Employers must ensure their status determinations meet the requirement for reasonable care.
With taking reasonable care in making a status determination such a key aspect of the determining of a contractor’s status in relation to the Off-Payroll Working rules coming in to the private sector from April 2021 it is essential that companies fully understand how their assessment process is carried out, and how this aligns to the key points of law used in determining status.
In support of the Off-Payroll Working rules HMRC launched a free assessment tool to assist companies in their status determinations, the Check Employment Status Tool [CEST]. Since its launch it has been heavily criticised by many experts and the courts have even questioned whether the interpretation of law is applied correctly. This all centres on one key point, Mutuality of Obligation [MOO]. CEST has no particular test for this, instead it follows HMRC’s own interpretation of MOO, an interpretation that has been shown by the courts to be wrong and yet HMRC continue with their approach.
The tool has attracted many users as it also offers an assurance from HMRC that where the tool is used HMRC will stand by the determination and outcomes, so long as the information has been accurately represented. This assurance has also fallen short with HMRC classing the CEST outcome as ‘irrelevant’ in one court case.
So, what does this mean for an employer looking to rely on CEST for their Status Determinations?
The key risk for any employer relying on CEST for its Status Determinations is whether it will pass the reasonable care test. If a successful challenge were brought it could undermine all CEST determinations leaving employers facing the potential of significant liabilities.
Where reasonable care is not taken in making an assessment the contractor is able to make their own determination, using reasonable care, and where this is outside IR35 they do not have to take all the income subject to PAYE, they can take some as dividends. If it is subsequently found that the case was not outside, it is the end client that can be held liable for the additional taxes due.
With experts and the courts all questioning HMRC’s interpretation of MOO there is a real risk that this challenge may happen.
Many experts have developed their own tools or assessment services to support employers although in all cases these are charged for. This creates an unlevel playing field with many opting for the free CEST tool supported by the belief that it must be correct as it is HMRC’s own.
The size of the market would suggest that it would only be a matter of time before one, or a collective, of the commercial offerings would create a challenge of CEST on the grounds of failing reasonable care. If successful, the commercial gains would be significant.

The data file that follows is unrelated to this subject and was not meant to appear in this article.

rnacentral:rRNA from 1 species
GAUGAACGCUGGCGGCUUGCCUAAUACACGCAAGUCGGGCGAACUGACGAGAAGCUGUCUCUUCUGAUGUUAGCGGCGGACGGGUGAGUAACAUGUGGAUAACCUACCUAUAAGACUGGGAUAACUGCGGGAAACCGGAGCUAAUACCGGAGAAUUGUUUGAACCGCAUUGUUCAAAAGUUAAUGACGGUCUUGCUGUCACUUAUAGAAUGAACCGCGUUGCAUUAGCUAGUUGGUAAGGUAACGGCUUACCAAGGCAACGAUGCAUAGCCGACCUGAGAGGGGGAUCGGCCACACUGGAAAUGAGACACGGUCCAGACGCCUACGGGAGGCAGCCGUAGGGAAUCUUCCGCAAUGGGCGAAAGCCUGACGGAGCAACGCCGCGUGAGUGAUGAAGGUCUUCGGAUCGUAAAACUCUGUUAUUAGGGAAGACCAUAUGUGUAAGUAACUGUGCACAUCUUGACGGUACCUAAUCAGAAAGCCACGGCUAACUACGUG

Whilst CEST is marketed as ‘free’ it could prove to be the most expensive tool on the market if such a challenge were successful.
The commercially available tools are now all appearing to be supported by insurance offerings covering the risks in case of a challenge and subsequent tax liability. From our review of the market the terms of these seem to be widely different with some appearing to only offer cover where the determination is confirmed as correct, quite useless as there would be no claim required.
Where employers seek to use commercial offerings with claims of insurance backing, we strongly advise that the terms of the insurance offering are reviewed by your lawyers to ensure the full parameters of the insurance is understood.
IR35 assessments are complex cases and often rest on fine detail however up until now it has always been the contractor who has stood alone in the fight to prove their status. The changes coming in in April 2021 now means that it is the company that must prove the case. As it is the company that determines the working arrangements between themselves and the contractors many are now formally reviewing these to see where they can be amended to reflect a true outside IR35 relationship. Embracing this opportunity can result in many more contractors operating with their clients in ways that are genuinely outside IR35 and therefore save significant monies, and risk, for all.
We believe as firms develop their understanding and approach in this area those that are pioneers are likely to also gain a significant advantage in the market by having the choice of the best workers for potentially less cost.
What is critical is that the working arrangements accurately reflect the reality of the relationship and are not superficially engineered to deliver a particular outcome as this could be even more costly.